Chicken Eggs as Drug Factories
Protecting Cows—and People—from a Deadly Disease
Where Have All the Bees Gone?
Tree Frogs
A Sense of Danger
Sea Giants and Island Pygmies
New Elephant-Shrew
Eating Troubles
The Electric Brain
Face values
Chemistry and Materials
Undercover Detectives
Pencil Thin
Salt secrets
Play for Science
The Book of Life
Middle school science adventures
Dinosaurs and Fossils
Dinosaurs Grow Up
Dino-Dining Dinosaurs
Tiny Pterodactyl
E Learning Jamaica
Results of GSAT are in schools this week
E Learning in Jamaica WIN PRIZES and try our Fun Animated Games
2014 GSAT Results for Jamaican Kids
A Dire Shortage of Water
Vitamin D-licious Mushrooms
A Volcano's Deadly Ash
Ready, unplug, drive
Flu river
Island Extinctions
Finding the Past
If Only Bones Could Speak
Little People Cause Big Surprise
Of Lice and Old Clothes
Freshwater Fish
Food and Nutrition
Moving Good Fats from Fish to Mice
Making good, brown fat
The mercury in that tuna
GSAT English Rules
Capitalization Rules
Adjectives and Adverbs
Finding Subjects and Verbs
GSAT Exam Preparation Jamaica
Ministry of Education Announces 82 GSAT Scholarships for 2010
2014 GSAT Results for Jamaican Kids
Preparing for the GSAT Exam
GSAT Exams Jamaica Scholarships
Results of GSAT are in schools this week
GSAT Exam Preparation
GSAT Scholarship
GSAT Mathematics
Setting a Prime Number Record
It's a Math World for Animals
GSAT Mathematics Quiz, Teaching Math, teaching anxiety
Human Body
Sun Screen
Gut Germs to the Rescue
Cell Phones and Possible Health Hazards
Walking Sticks
Sea Lions
How children learn
The Surprising Meaning and Benefits of Nursery Rhymes
Choosing a Preschool: What to Consider
Strange Universe: The Stuff of Darkness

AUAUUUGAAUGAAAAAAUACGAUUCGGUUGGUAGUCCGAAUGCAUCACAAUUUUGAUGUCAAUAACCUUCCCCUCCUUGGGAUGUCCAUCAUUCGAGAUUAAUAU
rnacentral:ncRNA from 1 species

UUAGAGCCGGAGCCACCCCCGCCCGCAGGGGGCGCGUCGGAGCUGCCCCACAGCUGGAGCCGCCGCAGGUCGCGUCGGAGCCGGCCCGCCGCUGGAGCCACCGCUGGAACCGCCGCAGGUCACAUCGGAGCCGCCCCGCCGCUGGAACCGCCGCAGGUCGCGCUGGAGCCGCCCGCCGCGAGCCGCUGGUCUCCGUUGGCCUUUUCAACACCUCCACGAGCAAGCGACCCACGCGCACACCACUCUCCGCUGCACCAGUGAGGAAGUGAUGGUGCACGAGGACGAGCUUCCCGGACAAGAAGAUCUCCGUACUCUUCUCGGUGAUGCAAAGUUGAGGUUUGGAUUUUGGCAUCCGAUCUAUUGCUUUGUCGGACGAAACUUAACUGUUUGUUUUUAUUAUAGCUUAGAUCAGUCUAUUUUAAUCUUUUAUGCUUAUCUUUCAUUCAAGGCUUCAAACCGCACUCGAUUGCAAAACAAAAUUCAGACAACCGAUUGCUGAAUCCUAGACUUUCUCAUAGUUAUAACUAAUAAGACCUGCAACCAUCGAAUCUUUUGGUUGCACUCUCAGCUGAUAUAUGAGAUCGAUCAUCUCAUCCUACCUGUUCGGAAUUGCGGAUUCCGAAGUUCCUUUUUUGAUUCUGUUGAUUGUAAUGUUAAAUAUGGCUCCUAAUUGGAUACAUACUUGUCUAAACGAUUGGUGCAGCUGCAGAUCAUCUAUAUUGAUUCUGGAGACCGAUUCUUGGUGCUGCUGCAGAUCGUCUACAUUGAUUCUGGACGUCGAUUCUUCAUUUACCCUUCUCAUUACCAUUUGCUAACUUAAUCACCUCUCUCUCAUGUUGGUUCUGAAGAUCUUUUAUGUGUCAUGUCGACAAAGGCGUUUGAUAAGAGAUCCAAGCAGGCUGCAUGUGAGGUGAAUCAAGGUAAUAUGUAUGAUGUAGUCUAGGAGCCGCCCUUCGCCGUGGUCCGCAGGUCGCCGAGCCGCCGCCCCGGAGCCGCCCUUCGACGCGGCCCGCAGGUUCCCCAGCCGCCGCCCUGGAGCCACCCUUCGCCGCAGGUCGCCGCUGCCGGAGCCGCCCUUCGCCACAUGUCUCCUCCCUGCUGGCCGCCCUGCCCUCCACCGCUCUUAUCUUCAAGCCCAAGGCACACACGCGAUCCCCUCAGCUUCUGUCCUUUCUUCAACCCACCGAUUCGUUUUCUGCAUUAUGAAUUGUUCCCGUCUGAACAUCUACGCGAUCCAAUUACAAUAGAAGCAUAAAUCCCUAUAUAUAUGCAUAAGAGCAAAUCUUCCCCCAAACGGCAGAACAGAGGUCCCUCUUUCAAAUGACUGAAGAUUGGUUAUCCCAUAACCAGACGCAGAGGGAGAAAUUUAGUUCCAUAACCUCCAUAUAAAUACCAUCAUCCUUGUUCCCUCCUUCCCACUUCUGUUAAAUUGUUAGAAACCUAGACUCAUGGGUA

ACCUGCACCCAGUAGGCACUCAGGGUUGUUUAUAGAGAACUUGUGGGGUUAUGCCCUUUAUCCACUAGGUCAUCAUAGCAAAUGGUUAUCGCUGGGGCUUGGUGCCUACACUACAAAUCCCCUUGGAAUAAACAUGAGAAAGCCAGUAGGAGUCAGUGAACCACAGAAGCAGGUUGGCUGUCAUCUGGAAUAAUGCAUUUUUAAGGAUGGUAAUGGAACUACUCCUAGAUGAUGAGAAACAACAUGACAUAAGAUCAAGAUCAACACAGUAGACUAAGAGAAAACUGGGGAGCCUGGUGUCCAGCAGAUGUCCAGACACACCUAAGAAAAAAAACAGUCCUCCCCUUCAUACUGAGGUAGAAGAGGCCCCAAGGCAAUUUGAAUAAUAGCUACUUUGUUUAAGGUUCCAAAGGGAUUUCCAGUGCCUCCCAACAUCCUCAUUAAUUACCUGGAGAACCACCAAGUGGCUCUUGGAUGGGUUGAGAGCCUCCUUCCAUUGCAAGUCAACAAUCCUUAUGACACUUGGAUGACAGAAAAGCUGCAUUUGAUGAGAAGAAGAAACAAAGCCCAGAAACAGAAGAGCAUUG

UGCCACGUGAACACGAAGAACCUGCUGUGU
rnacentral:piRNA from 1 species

Project Music
Gaining a Swift Lift
Pumping Up Poison Ivy
Fungus Hunt
Assembling the Tree of Life
Snapping Turtles
Space and Astronomy
Asteroid Lost and Found
Planet Hunters Nab Three More
A Whole Lot of Nothing
Technology and Engineering
Smart Windows
Bionic Bacteria
Shape Shifting
The Parts of Speech
Adjectives and Adverbs
What is a Noun
Countable and Uncountable Nouns
Robots on a Rocky Road
Flying the Hyper Skies
Seen on the Science Fair Scene
Recipe for a Hurricane
A Dire Shortage of Water
Catching Some Rays
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An Ocean View's Downside

Going to the beach, swimming in the ocean, and surfing or just watching the waves are part of many vacations. For the increasing number of people who move to coastal areas, such activities become part of everyday life. However, this population trend—if it continues—could spell trouble for plants and animals living in these areas. The population of the United States jumped from 249 million in 1990 to 288 million in 2002. Analyses by the National Oceanic and Atmospheric Administration and the U.S. Census Bureau show that the greatest population growth occurred in counties that border the Atlantic Ocean, the Pacific Ocean, the Gulf of Mexico, and the Great Lakes. The population of these coastal counties shot up more than 13 percent between 1990 and 2002. On average, coastal counties are three times more crowded than counties that are inland. By the year 2008, researchers predict, another 11 million people will move to the shore, especially the Pacific coast. This is bad news for coastal ecosystems. More people means more waste and more fertilizer seeping into groundwater. Development could push hundreds of species of plants and animals out of their habitat. Researchers say that all this development and its ecological impact will pose immense challenges for coastal communities. As more people flock to the coasts, the dream of living on the beach will demand more building, more energy, and more fresh water.—E. Sohn

An Ocean View's Downside
An Ocean View's Downside

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